STL Algorithms, part 4

[513 words]

We have seen some examples of usage of the `find` algorithm, with its variants `find_if` and `find_if_not`. In this installment, we are going to see other variants of finding algorithms, plus another algorithm useful when counting items in a sequence, `count`. Remember that we are still in the realm of non-modifying sequence algorithms (but see the discussion about `for_each` here).

`find_first`: Find first occurrence of any element taken from a set

This algorithm is useful when we are looking for one element of a set. Consider a `std::string`, which is also a container, and the problem of finding any vowel in such a string. We could go like the following:

This small program will print the sequence of vowels in the word haystack. I am not sure that y is a vowel (actually I doubt), but I can invoke the exemplification's excuse. The output is:

```    a
y
a
```

This algorithm can have a significant overhead because it has quadratic complexity (its execution time grows as the multiplication of the length of the two sequences). It prototype is:

There is also a similar version where we can add a predicate, this way stating that we are looking for any of the elements in the second sequence for which the predicate is satisfied.

`find_end`: Find subsequences

This algorithm has a deceptive name. It finds the subsequence in a sequence, returning the iterator to the first character of such sequence, or returning the last element of the first sequence if no such subsequence is found. The name comes from the fact that such subsequence is the rightmost, in case it occurred more than once. Consider the following example:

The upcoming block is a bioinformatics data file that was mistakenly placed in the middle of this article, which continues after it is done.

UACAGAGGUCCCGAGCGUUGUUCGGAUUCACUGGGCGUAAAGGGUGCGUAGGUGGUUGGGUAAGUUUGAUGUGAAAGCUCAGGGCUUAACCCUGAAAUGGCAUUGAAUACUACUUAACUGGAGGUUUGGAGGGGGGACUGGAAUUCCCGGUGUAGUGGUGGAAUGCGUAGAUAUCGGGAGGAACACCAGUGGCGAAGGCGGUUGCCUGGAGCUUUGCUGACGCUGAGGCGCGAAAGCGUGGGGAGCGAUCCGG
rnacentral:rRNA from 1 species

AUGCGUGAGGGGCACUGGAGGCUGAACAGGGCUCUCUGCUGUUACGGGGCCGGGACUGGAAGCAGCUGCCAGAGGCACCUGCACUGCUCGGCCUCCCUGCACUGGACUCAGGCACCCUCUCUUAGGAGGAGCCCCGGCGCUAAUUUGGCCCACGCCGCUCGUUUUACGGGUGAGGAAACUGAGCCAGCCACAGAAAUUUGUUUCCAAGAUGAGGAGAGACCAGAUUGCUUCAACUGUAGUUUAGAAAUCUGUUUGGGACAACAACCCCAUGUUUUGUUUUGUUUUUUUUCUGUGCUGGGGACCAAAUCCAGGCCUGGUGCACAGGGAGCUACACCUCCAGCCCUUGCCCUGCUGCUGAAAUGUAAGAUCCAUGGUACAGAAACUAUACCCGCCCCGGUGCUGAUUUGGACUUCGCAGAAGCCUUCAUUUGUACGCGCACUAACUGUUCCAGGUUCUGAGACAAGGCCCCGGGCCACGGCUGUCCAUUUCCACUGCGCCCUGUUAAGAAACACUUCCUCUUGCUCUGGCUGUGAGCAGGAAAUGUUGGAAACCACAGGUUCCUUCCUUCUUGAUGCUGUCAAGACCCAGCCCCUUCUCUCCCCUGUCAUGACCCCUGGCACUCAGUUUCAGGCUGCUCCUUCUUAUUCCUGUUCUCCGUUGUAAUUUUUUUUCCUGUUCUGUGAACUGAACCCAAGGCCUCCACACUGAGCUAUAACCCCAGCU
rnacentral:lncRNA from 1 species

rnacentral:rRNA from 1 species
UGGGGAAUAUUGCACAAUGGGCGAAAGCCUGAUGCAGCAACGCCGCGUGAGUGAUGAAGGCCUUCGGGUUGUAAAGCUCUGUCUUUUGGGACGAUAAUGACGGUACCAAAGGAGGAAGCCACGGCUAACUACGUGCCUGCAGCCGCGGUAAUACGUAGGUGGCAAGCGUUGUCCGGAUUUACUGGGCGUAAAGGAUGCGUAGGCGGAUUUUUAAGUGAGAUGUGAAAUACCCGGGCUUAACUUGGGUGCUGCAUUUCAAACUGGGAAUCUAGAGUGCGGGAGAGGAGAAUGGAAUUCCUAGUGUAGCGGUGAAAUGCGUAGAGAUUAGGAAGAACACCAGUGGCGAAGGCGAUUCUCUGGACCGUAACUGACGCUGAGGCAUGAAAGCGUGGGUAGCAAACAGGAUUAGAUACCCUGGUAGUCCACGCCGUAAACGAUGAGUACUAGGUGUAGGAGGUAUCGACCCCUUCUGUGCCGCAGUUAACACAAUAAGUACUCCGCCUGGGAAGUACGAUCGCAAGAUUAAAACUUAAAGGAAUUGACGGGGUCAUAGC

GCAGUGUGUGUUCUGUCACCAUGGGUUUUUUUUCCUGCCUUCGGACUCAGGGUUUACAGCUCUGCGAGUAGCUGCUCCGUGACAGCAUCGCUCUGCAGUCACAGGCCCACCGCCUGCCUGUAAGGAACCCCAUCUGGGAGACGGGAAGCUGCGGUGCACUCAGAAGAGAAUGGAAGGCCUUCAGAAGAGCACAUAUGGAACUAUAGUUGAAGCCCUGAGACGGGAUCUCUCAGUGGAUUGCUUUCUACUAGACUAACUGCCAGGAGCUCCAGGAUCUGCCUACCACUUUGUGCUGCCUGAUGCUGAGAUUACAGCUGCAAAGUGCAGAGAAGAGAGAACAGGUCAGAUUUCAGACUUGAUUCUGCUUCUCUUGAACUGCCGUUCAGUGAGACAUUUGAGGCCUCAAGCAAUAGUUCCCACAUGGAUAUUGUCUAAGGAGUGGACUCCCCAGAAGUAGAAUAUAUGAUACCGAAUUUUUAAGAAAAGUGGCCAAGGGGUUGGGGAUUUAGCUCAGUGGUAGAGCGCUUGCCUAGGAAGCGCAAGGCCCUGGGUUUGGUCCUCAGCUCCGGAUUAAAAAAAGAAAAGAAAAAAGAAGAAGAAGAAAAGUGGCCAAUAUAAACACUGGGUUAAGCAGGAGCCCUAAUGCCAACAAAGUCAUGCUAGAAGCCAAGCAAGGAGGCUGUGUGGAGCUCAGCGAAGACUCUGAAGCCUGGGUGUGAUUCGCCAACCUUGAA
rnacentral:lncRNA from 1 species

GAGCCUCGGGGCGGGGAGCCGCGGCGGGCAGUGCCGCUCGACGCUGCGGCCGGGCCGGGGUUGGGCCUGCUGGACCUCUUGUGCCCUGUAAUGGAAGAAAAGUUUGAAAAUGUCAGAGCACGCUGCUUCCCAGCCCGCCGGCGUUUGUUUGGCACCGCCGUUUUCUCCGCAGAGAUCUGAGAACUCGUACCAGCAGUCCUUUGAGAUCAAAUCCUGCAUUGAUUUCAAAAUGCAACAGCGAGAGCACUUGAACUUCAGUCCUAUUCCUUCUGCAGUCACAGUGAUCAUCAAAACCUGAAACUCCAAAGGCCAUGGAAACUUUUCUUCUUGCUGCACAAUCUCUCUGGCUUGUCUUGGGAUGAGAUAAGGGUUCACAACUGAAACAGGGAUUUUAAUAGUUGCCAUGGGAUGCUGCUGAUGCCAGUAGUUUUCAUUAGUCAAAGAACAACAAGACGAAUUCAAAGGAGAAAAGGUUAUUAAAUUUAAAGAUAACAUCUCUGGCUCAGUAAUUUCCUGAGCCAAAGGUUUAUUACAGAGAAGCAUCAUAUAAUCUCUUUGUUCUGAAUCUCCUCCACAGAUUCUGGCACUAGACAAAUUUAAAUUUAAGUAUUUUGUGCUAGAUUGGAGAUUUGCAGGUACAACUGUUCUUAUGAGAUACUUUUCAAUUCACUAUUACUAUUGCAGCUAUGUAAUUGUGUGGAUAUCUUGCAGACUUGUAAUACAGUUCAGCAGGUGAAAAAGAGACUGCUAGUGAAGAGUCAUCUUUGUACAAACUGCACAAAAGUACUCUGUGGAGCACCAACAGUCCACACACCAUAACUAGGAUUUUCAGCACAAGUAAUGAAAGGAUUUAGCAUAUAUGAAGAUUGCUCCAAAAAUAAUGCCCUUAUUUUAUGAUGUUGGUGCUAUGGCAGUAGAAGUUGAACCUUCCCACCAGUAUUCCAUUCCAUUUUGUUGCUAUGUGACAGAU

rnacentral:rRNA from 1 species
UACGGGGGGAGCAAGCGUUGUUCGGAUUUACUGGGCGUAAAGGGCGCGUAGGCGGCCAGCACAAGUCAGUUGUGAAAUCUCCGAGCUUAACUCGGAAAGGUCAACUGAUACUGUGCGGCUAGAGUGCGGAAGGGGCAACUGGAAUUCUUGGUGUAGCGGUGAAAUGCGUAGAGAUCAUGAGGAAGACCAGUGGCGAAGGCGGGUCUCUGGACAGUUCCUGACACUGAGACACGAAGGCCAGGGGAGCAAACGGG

Its output is simply:

```Result: lazy dog woke up
```

Also this algorithm has a variant where we can specify a predicate to be satisfied for each element matched.

`adjacent_find`: Find consecutive elements

Suppose now that you want to find whether there are repeated elements in a string. The `adjacent_find` algorithm does just that, returning an iterator to the first element that is followed by itself at least once. Also this algorithms comes with a variation allowing to specify a predicate:

The outcome of this algorithm is the following: for each letter and its immediate successor, the predicate should be satisfied. This holds true for the first time when we arrive at the fourth letter, so the outcome is:

```  Sequence: arbababbbbbbbbbccc
Result:      ababbbbbbbbbccc
```

`count` and `count_if`: Count elements

The last algorithm considered in this post is `count`, with its variation `count_if`. As expected, it counts the number of elements (possibly, matching a predicate):

and it counts 11 occurrences.

Conclusions

In this installment, we have seen examples of some variations of `find`, plus a way to count occurrences of an element in a sequence. At this point, the algorithms in the non-modifying sequence operations category are mostly over; in the next episode, we are going to wrap them up.